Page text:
This song is from the collaborative album of Kottarashky & The Rain Dogs called Cats, Dogs and Ghosts. This fusion of drum and bass with folklore uses rhythm as a substructure, traditionally associated with the dance ‘nadigravane’, (literally translated as ‘outplaying’). It’s like a dance battle, which is performed on public squares in towns, usually to impress girls. Sometimes it will be performed between a girl and a boy and considered as flirting. Whoever lasts longer dancing, wins. Kottarashky fuses a folklore dance that requires two people, with the western genre fugue – a multi-voice compositional technique found in the second half of the song. This weaves a sound battle between Western and Eastern musical legacies and creates a beautiful sonic, and political experience. This inspires the name of track – ‘Fuga’, translated from Bulgarian ‘Fugue’. Overall, I find this an incredibly fun track that I would definitely play at a party.
‘Doctore’ [Hey, Doctor] – Kottarashky & the Rain Dogs
This chilled trumpet jazz, with gentle old school rap beats, takes me on a midnight stroll through Sofia. The main tune, repeated on an electric guitar and a synthesizer, is a typical sound that one could hear, emanating alongside clouds of smoke from hipster live-music bars in the heart of Sofia. It reminds me of when my high-school boyfriend and I would visit those bars and listen to live gigs, nursing a beer.
‘Doctore’ is from Kottarashky’s album Demons, created for another collaboration with the director of ‘Blind Vaysha’, Theodore Ushev. In the interview for Nova TV, Kottarashky explains that “this album is the very moment in which he pinpointed his sound like the ‘Balkan beat’, Goran Bregovic-style music that became viral in Western Europe. (…) I made personal and intimate music that isn’t just party music.’ [translated from Bulgarian].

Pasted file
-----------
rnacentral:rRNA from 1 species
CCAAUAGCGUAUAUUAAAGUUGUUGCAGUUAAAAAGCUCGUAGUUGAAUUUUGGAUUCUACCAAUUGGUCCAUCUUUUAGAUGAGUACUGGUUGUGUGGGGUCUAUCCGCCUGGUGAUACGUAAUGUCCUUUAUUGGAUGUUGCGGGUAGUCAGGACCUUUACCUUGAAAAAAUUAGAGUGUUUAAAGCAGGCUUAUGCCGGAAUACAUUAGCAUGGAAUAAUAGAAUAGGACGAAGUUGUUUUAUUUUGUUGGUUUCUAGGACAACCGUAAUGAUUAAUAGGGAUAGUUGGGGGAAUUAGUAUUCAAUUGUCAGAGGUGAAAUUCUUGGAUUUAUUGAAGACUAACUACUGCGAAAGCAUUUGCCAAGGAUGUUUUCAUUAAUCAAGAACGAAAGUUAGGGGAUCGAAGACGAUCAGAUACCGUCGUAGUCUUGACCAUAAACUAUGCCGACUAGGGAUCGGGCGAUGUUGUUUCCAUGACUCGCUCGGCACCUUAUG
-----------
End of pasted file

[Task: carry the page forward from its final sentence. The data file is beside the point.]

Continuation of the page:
‘Chetiri’ [Four] – Kottarashky
Finally, ‘Chetiri’. This song is again from the album Opa Hey!. ‘Chetiri’ features a more dynamic sound, blending salsa and tribal beats with the ever-present Bulgarian folklore. If you are a fan of flat notes, then this is your track. Bulgarian fans still have debates about what exactly he is saying in these lyrics. His music video is composed of candid footage of 2007 Sofia. Underlined is a slight political criticism of the way Bulgarians live, but also serves to show the good stuff too. This song awakens a passion for dance, making the listener want to stomp around my room. (Maybe this is based on personal experience, who knows…) It feels like a remix of old ritual music used to summon spirits, but with a modern, upbeat lilt.
I hope you were inspired by this continental compilation. Let’s stay creative and use the quarantine to explore more of ourselves and the world, for which we usually don’t have time. But to be honest, laying in bed with Netflix, doesn’t sound bad either.
Stay safe, and don’t feel guilty for binging!